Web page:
Roses redux! Stanford bedevils ASU for a 38-14 win and a second straight Pac-12 crown

December 9, 2013

By Matthew E. Milliken
Dec. 9, 2013

I’ll freely admit it. I was nervous going into Saturday night’s Pac-12 championship game. Yes, Stanford had already beaten Arizona State — embarrassed them, really, by a 42-28 score — earlier this year.

But that game had been played under very different circumstances: In the friendly confines of Stanford Stadium, where the Cardinal went 7-0 this year, vs. 3-2 in away games, and near the beginning of the year, when the Sun Devils were still gelling as a team, and before Stanford’s tendencies and flaws had become glaringly obvious.

But now ASU was the host, at Sun Devil Stadium in Tempe, where the Pac-12 South Division champions had matched Stanford with a 7-0 home record. And obviously, the prize at stake last weekend, a conference title and a berth in the 100th Rose Bowl, was much dearer than a chance to go 3-0, which was in the offing when the teams met in September.

So yes, I was nervous when the game kicked off. And no — although I thought Stanford might win a close game, I never expected that what happened would happen.

It started off like a shootout. On the second snap of the game, Tyler Gaffney ran around left end and went for a 67-yard touchdown. The host Sun Devils took less than two minutes to respond, with D.J. Foster rushing for a 51-yard touchdown of his own.

What followed was more or less classic Stanford football, 2013 style. Kevin Hogan found Jordan Pratt for a 35-yard completion. A few snaps later, the quarterback rushed for 12 yards and a first down at the ASU 12-yard line. Next up: Gaffney for five yards, a three-yard ASU offsides penalty, Gaffney for three yards, and, on first and goal from the Sun Devils’ 1-yard line, Gaffney with the touchdown. Score: Stanford 14, ASU 7.

The Sun Devils replied with a 12-play drive, but it stalled near midfield. Stanford, however, wasn’t finished scoring — not by a mile. Hogan connected with Pratt and Devon Cajuste (it’s nice to have him back, isn’t it?) for completions of 11 and 42 yards, respectively. Then Gaffney ran for 12 and Montgomery took a reverse 22 yards for yet another rushing TD. Now the Cardinal was up by a 21-7 margin.

And the hits kept on coming. The Cardinal defense forced ASU to go three and out, which resulted in a paltry 16-yard punt. On the second play from scrimmage, Anthony Wilkerson ran 29 yards to the ASU 9. Four T. Gaff carries later, the former minor league baseball player had his third rushing touchdown of the game, and the white-clad Cardinal led, 28-7.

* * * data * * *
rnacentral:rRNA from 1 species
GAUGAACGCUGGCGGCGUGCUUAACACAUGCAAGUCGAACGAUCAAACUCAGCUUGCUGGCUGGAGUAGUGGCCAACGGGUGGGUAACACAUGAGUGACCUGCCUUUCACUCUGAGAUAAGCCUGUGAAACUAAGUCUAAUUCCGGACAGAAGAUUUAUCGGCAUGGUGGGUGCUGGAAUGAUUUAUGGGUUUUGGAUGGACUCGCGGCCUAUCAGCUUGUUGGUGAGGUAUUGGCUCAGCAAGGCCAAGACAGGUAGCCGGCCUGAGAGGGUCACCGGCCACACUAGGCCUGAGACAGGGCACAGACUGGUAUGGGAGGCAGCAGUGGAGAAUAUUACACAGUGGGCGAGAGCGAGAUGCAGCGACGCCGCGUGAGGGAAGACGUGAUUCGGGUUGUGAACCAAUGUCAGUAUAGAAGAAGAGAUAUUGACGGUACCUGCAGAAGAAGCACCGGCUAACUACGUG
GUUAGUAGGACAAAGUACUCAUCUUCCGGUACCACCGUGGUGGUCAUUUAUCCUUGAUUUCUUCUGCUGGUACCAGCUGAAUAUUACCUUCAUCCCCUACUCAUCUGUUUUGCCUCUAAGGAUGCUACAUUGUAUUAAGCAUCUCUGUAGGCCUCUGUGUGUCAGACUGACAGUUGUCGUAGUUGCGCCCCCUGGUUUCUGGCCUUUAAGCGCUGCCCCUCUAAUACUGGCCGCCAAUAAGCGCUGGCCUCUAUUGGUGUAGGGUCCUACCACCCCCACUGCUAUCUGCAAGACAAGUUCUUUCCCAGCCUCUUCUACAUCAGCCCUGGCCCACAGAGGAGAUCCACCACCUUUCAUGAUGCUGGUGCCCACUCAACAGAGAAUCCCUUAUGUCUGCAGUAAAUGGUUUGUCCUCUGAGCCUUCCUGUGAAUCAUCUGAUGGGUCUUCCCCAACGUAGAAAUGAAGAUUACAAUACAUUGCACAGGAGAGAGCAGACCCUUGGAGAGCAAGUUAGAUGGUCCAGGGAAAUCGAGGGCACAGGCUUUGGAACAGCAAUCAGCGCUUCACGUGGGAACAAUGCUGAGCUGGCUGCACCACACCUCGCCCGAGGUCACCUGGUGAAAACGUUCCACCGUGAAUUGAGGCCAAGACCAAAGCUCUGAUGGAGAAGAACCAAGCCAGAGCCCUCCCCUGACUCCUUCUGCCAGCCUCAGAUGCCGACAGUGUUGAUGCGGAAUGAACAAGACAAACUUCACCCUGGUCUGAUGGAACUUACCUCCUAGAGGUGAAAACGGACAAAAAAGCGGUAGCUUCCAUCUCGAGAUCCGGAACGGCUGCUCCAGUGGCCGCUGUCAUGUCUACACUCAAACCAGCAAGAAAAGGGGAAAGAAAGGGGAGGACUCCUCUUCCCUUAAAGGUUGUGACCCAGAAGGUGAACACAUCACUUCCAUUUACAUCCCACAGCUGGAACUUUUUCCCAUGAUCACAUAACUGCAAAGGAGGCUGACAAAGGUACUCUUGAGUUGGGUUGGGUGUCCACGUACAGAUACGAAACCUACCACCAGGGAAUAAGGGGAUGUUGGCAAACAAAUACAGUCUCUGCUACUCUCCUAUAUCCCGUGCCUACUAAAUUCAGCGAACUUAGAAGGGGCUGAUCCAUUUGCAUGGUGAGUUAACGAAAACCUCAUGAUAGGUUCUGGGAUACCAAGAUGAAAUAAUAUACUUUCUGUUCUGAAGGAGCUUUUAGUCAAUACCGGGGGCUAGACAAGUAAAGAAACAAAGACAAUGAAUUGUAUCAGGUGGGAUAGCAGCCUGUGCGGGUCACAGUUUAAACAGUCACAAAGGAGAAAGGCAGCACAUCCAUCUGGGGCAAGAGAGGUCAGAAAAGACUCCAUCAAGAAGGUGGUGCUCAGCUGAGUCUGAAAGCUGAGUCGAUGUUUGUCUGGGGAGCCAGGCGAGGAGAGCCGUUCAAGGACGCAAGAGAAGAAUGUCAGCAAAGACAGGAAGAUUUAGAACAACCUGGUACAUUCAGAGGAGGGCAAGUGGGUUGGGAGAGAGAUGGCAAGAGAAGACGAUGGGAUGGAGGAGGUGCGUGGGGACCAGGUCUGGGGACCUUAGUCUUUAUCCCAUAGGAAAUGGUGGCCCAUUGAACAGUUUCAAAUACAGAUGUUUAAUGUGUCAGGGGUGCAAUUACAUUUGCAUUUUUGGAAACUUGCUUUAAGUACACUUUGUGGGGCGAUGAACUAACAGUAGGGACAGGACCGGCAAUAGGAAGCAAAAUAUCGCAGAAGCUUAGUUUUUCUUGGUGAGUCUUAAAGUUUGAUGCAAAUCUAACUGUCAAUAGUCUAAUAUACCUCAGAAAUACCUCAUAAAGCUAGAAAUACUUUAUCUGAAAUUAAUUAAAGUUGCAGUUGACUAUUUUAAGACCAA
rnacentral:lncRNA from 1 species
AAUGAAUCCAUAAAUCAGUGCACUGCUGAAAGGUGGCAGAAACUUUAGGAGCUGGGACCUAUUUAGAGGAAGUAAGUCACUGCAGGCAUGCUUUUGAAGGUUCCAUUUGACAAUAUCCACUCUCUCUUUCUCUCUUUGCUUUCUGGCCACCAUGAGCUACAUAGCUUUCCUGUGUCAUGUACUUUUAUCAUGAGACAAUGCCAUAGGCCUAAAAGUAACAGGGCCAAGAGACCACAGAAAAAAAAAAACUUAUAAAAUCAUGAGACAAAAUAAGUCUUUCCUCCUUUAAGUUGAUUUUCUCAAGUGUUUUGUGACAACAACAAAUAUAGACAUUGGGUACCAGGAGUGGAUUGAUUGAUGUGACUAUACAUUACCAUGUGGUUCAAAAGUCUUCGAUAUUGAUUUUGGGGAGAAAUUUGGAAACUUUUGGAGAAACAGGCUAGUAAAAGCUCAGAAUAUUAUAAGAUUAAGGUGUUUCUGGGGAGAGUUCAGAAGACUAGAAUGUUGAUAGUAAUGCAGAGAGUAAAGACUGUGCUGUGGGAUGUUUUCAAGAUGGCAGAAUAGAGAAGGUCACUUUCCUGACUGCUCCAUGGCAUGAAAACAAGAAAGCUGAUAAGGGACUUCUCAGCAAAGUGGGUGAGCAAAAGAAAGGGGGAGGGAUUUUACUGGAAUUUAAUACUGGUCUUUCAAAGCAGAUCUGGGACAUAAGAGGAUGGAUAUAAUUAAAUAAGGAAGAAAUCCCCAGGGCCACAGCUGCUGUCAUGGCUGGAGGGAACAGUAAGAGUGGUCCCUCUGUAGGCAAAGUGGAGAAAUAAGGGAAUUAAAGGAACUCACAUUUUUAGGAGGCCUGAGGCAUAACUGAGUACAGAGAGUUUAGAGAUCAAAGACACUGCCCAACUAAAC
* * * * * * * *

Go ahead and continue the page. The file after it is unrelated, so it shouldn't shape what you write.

ASU answered a few possessions later, when Foster took a short Taylor Kelly pass for a 65-yard score. The Cardinal tried to move into scoring position afterward, but the team used up its timeouts and was unable to attempt a field goal before the second quarter ended.

The game was still hanging in the balance coming out of halftime. But the Sun Devils came away with no points from their opening drive after a missed 31-yard field goal try. Stanford drove the other way with completions of 13 and 22 yards to Montgomery and 34 yards to Michael Rector, plus a 14-yard Gaffney run. Jordan Williamson came on to attempt a 30-yarder, which was good.

ASU was down only 31-14, but the ending was near. The Devils nickel-and-dimed their way to third and goal at the Stanford 1-yard line, but then Shayne Skov and Zach Hoffpauir stuffed ASU runs.

Hogan and company took the ball and marched downfield, covering most of the ground with a 78-yard gainer on a Hogan-to-Cajuste completion. The drive ended on a 24-yard touchdown toss that Montgomery corralled in the end zone near the start of the fourth quarter.

The score was Stanford 38, ASU 14, and it would stay that way. (ESPN showed ASU fans heading for the exits, which sent my eyebrows arching upward.)

Arizona State’s previously explosive offense was limited to just two touchdowns and 311 yards. (Kelly threw for 173; the Devils ran for 138.) The Cardinal sacked Kelly time and again — Trent Murphy, Joe Hemschoot, Jarek Lancaster and Henry Anderson each collected one, with a fifth sack credited to the team. Murphy had a second tackle for a loss, and Josh Mauro kicked in one as well.

Skov — who else? — contributed a game-high nine tackles, eight of them solo, while Murphy and A.J. Tarpley notched seven apiece. (All of Murphy’s stops were unassisted.)

On the offensive side of the ball, Hogan had perhaps his best collegiate game ever, despite losing a fumble. He completed 12 of 18 passes for 277 and one touchdown, an average of 15.4 yards per attempt. Gaffney earned game most-valuable-player honors by rushing 22 times for 133 yards and the trio of touchdowns. Cajuste’s two catches went for 120 yards, while Montgomery finished with five receptions for 69 yards and Pratt chipped in three grabs for 56.

The end result: Roses redux for Stanford, which will play Michigan State on Jan. 1, 2014, in the 100th Rose Bowl. (Stanford participated in the first Rose Bowl, too.) Despite the streaky offense, coach David Shaw has led the Cardinal to two conference titles for the first time since 1970-71.

What else can be said? We’re living in glorious times, Stanford football fans. We are living in glorious times.

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